The homegrown vegetable that I've enjoyed most has probably been the humble turnip. I've wittered on about quick growing turnips before, but I'm still very impressed by them and I can’t understand why they’re not more widely grown. I get most of my seed from France where they’re grown far more often but small British varieties can give an excellent return as well.

This is a sweet and sour take on the turnip which is very simple but does rely on the use of good, small turnips as well as decent quality vinegar and maple syrup. You can use any sort of wine vinegar but one made from a sweet wine or sherry works particularly well. I used a vinaigre de Banyuls (not an expensive one) in this recipe, but that’s a bit obscure outside of France so a sherry vinegar or a mix of cheapish balsamic with a standard white wine vinegar would do nicely instead.
Turnips With Vinegar and Maple Syrup
This will serve 2 as a generous side dish.

350 g small turnips
3 tbsp wine or sherry vinegar (see above)
vegetable stock
2 tbsp maple syrup
a generous squeeze of lemon juice

Peel the turnips and cut into small chunks. Season and fry the chunks in a small amount of butter until they start to take on a little colour. Stir in the vinegar and add just enough vegetable stock to cover the turnips. Cover the pan loosely and simmer until the turnips are almost completely tender. The time this stage takes will depend on the size of the chunks and the age of the turnips, but 15 - 20 minutes will be about right for fresh, young turnips in smallish pieces.

Once the turnips reach the almost tender stage, remove the lid and increase the heat to reduce the liquid in the pan until there’s only around 2 tablespoons of it remaining. Stir in the maple syrup and continue cooking and stirring until the turnips are coated evenly with the sauce. Finish with the lemon juice and adjust the seasoning. A little extra black pepper added at the end is usually a good thing.
Vinegar and Maple Syrup

Thursday, 30 October 2014

Soupe à la Bière

Every year at around this time Le Festival Des Soupes et Des Pains (The Festival of Soup and Bread) is held either in or around Montreuil-sur-Mer, but I've heard that apparently this year’s event had to be cancelled. So I thought I'd put this soup together to compensate myself in a small way for that loss. (Not that I could have been there physically, but I definitely intended to be there in spirit.)

There are many types of beer soup across the north of France as well as in Belgium and northern Germany. Some versions seem to me to be little more than beer warmed up with a bit of seasoning but this version is closer to a northern French recipe using some of the fine root veg from the area. I roast the veg to concentrate the flavour although I doubt that roasting is very traditional.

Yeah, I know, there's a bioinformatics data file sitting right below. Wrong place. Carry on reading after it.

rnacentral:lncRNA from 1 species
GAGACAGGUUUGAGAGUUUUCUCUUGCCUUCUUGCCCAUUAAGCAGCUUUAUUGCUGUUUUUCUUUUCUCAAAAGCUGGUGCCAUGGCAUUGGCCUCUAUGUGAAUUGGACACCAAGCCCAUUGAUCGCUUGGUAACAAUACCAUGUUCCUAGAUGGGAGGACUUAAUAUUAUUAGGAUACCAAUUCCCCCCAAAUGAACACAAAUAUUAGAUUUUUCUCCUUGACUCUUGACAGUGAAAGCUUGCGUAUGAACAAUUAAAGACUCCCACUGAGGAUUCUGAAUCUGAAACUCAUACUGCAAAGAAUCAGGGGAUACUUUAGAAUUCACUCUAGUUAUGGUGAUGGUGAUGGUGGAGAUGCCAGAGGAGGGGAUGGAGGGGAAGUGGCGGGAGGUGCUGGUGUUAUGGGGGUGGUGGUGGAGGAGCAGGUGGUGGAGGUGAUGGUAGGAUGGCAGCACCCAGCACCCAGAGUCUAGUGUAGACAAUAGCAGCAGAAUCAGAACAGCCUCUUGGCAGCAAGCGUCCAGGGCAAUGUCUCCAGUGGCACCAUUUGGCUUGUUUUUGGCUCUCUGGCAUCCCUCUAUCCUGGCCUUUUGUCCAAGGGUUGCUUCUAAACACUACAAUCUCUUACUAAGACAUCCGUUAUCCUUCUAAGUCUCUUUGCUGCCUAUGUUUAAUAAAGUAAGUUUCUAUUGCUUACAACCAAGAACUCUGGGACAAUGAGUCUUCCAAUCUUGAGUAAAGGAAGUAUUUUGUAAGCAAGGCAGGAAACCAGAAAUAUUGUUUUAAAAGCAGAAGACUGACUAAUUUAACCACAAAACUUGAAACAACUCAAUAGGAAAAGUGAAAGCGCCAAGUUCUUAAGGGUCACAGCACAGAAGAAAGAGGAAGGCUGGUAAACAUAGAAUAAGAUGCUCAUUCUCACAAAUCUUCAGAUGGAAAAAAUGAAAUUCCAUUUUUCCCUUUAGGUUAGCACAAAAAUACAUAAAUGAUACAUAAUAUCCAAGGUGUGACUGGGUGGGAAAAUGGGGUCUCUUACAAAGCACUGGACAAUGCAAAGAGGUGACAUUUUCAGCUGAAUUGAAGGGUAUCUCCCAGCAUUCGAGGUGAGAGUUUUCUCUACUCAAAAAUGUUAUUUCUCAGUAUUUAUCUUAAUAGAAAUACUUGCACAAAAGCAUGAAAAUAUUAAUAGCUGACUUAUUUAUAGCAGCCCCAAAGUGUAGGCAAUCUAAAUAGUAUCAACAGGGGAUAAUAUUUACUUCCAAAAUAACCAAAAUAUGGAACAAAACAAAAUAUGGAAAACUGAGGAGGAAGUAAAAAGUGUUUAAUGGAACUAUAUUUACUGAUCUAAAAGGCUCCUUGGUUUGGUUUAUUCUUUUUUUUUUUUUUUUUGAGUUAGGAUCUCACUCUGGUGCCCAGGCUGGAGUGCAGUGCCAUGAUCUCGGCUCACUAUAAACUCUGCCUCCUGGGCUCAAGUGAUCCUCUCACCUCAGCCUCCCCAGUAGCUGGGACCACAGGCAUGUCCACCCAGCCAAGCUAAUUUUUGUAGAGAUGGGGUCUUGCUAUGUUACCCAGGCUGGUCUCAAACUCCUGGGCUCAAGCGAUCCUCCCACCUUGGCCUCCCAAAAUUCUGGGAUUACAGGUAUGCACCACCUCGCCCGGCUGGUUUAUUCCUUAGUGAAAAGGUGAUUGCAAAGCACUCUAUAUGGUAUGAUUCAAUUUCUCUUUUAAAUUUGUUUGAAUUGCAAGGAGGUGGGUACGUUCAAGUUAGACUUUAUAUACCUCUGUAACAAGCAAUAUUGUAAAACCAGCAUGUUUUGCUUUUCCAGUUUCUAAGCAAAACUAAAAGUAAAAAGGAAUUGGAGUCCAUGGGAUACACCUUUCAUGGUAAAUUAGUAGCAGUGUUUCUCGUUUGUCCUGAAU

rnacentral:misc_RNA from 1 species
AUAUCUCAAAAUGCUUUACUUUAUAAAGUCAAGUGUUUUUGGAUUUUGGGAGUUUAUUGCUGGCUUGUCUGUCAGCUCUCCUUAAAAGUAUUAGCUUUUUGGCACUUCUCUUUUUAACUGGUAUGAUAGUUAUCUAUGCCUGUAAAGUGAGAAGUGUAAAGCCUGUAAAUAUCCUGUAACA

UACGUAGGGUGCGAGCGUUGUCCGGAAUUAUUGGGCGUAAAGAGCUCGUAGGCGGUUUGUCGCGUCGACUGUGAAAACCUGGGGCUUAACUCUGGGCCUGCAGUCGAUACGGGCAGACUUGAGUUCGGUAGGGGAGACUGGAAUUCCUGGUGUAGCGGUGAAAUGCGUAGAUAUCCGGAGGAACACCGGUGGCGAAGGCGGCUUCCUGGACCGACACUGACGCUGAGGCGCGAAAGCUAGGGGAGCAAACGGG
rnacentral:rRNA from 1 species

This type of soup is very often served with croutons and grated cheese. Typically the cheese would be gouda or emmental although you can use whatever hard cheese you fancy - some cheddars would be a good option. Given the choice, though, I'd probably go for a mimolette. The Bernard brothers produce a particularly fine mimolette at Wierre-Effroy, which is just a little way down the road from Montreuil. (I've referred to the brothers before but I felt guilty for not mentioning their very fine mimolette).

If you're expecting the kind of subtly flavoured French soup that you might find in a refined French restaurant then think again. This soup has a strong and distinctive flavour and, for that reason, I think it's best served in small bowls as a winter starter. The amounts given here will provide you with 4 starter portions. Of course, if you really love beer, then by all means have a large bowl.
Soupe à la Bière

3 average or 5 small carrots (I used small chantenay carrots) - a total weight of between 200 g and 250 g
1 leek
1 large or 2 small shallots
½ tsp sugar
250 ml bière blonde (use an interesting lager if you can’t find a French bière blonde)
300 ml chicken stock, plus another 100 ml on standby just in case the soup needs it (use a vegetable stock if you prefer, but chicken stands up better to the beer flavour)
4 - 8 tbsp crème fraîche
100 g hard cheese (see above)
A few thin slices of baguette for croutons

Preheat the oven to 180ºC. Wash and peel or scrape the carrots (if they need it) and cut them into large chunks. If you’re using smaller carrots, then cutting them in half lengthways should be enough. Coat the carrot pieces in a little oil and place on an oven tray. Wash the leek, dry it and place it on the oven tray alongside the carrots. You don’t need to do anything else to the leek. Put the tray in the oven and roast for around 30 minutes until the carrots are almost completely tender and the leek has softened and collapsed a little. (Don’t worry if the leek looks a little brown or even burnt on the outside; you don’t need the outside leaves.)

Chop the shallot finely and, using a large pan, soften it slowly in a little butter. While that’s happening remove and discard the base, the outer leaves and any coarse green part of the leek. Chop the softened leek and carrot pieces roughly. Once the shallot has softened add the leek and carrots to the pan, season and pour in the beer and stock. Stir in the sugar. Bring the mixture to the boil, cover loosely, turn down the heat and let it simmer for 20 minutes or so.

Liquidise and adjust the seasoning. You may also need to add a little more sugar if the beer is a less sweet variety. Add a little extra stock if the soup is too thick. Pour into bowls and stir in as much of the crème fraîche as you think the soup needs. Don’t skimp on the crème fraîche: it’s an important part of the soup and not simply a garnish.

Fry or toast the slices of baguette to use as croutons and grate your chosen cheese on top of the croutons or into a small bowl to serve alongside the soup.


By the way, if you've never been to Montreuil-sur-Mer and feel that you might be tempted to visit one day (after all it’s less than an hour’s drive from the tunnel) then it might be helpful if I point out a few random things:
  • First, it’s not ‘sur mer’. It hasn't been ‘sur mer’ since roughly the end of the middle ages. The access to the sea silted up about then, but why change a perfectly good town name?
A Montreuil Walk